It must be fun?

This movie/slideshow features me 1 during the early days of my first job as an interior designer at Ryan & Williams- “the office professionals”, the Buffalo NY designated Haworth dealer at the time. Fresh out of school, I knew I had a lot to learn and I was very shy. The ongoing joke was I did not speak a word that first year. But I was a good listener, worked hard and learned quickly. It wasn’t long before I was tasked with a 350-workstation space planning project. The initial space plan was produced by the architect who designed the building. It was determined that the layout as designed did not fit. The architect did not allow for “panel creep”, the fractions of an inch that add up over a long span of workstations. With few options and little time, I was given the opportunity to come up with a workable plan. I was able to deliver and the client was very happy.

I have been in the business of design for longer than I will admit here. My experience is varied. Furniture dealerships brought a vendor/contractor point of view, banking facilities department as the end user/client, architectural firms where I gained great knowledge of construction and of course interior design.

The interior design profession is often romanticized in film and literature and many people remark to me that it must be fun to do what I do and I do enjoy it. Selecting colors, furniture and artwork is probably what most view as the “fun” part. In addition, an understanding of construction is at the top of the list. We also must have a broad familiarity with mechanical, electrical and plumbing systems and telecommunications technology. The ability to interpret and apply an expansive range of codes applicable to our designs and specifications including all local and state building, fire, life safety and health codes, ADA guidelines and environmental impact is part of the day to day design process. The documentation is detailed, tedious and necessary.

We are responsible for monitoring our client’s established budget through the life of a project, making recommendations, including review of competitive bid results and contractor’s payment application submissions for possible discrepancies, errors and/or omissions.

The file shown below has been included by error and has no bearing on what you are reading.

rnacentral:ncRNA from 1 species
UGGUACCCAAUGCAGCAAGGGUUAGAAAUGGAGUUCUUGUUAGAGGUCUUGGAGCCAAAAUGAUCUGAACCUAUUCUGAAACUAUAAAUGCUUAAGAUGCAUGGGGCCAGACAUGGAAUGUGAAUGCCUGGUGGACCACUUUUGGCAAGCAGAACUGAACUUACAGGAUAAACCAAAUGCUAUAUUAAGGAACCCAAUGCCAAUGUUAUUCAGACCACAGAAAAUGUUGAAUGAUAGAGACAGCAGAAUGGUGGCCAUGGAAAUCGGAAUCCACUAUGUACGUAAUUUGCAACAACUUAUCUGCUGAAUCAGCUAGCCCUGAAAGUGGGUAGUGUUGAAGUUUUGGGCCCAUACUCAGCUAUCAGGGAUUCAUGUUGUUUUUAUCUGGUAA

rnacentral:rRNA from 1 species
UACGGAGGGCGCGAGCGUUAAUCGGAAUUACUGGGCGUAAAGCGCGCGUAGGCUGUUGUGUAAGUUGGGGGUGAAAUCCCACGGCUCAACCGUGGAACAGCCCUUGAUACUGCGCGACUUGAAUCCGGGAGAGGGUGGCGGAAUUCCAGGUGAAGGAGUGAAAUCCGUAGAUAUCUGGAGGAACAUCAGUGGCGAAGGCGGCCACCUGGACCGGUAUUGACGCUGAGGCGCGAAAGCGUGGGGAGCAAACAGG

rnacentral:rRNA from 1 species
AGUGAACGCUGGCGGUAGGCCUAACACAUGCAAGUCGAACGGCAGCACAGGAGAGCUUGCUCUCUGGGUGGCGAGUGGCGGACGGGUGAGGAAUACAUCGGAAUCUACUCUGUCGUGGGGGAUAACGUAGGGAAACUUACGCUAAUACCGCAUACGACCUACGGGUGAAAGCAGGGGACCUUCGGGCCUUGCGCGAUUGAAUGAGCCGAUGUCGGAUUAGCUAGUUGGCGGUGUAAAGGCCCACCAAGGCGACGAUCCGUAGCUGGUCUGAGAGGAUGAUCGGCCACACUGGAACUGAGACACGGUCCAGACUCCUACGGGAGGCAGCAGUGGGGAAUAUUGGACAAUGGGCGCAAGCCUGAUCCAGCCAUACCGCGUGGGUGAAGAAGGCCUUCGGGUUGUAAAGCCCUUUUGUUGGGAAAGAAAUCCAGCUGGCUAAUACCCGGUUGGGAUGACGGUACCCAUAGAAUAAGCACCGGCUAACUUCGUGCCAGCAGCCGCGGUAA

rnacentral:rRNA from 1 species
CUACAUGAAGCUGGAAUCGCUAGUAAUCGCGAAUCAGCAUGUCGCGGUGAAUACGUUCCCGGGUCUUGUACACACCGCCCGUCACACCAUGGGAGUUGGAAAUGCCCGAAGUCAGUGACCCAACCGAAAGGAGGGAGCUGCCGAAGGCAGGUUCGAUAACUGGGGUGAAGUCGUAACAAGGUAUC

We are legally responsible for our work and Professional Liability Insurance is a required expense and as you probably guessed, it is not inexpensive.

NCIDQ stands for The National Council for Interior Design Qualification. This organization is responsible for the formulation and administration of the qualifying examination for all interior designers. The successful completion of this exam is a requirement to become a New York State Certified (CID) Interior Designer meeting the requirements prescribed by law to practice interior design in New York state.

I do not test well and will never forget my first NCIDQ exam experience. With little time left the proctor passed by and said, “that’s a nice blank sheet of paper”.  Of course, I did not pass. The proctor’s statement sticks in my mind to this day and happily it motivated me to try again. The second time, I successfully completed and passed the exam. I am a New York State Certified Interior Designer and the owner of a Woman Owned Business Enterprise.

I am fortunate to have worked with great clients, both end users and as a sub-consultant to architects. I am selective in project type and work with people that have a strong appreciation for the interior designer’s role. A sense of humor is a big plus also.

The tangible is usually the focus, but the intangible is most important. Creating an environment that reflects a compelling culture that produces a positive influence on employee recruitment, employee retention and customer satisfaction. The end result of any design leaves a lasting impression for a very long time and it is our responsibility to provide excellent, professional design services to our clients. That’s what keeps them coming back!

My last word today on the subject of design is COMMUNICATE OFTEN, it is key to the success of a project and….keep smiling!

1- In the first image you will see I am wearing jeans, a rare occurrence. The business was located at 82 Pearl Street in a 4-story building, former home of C.H.Utley Piano and soon to be apartments today. The office supply inventory was located on the 3rd floor and the furniture on the 4th floor. It is evening and we are sitting on the 2nd floor showroom “chair bar” taking a break from our yearly task of inventory. I was in charge of furniture and it was quite dusty on the 4th floor!

Photos: long lost then found…courtesy of the Martin J. Murrett family.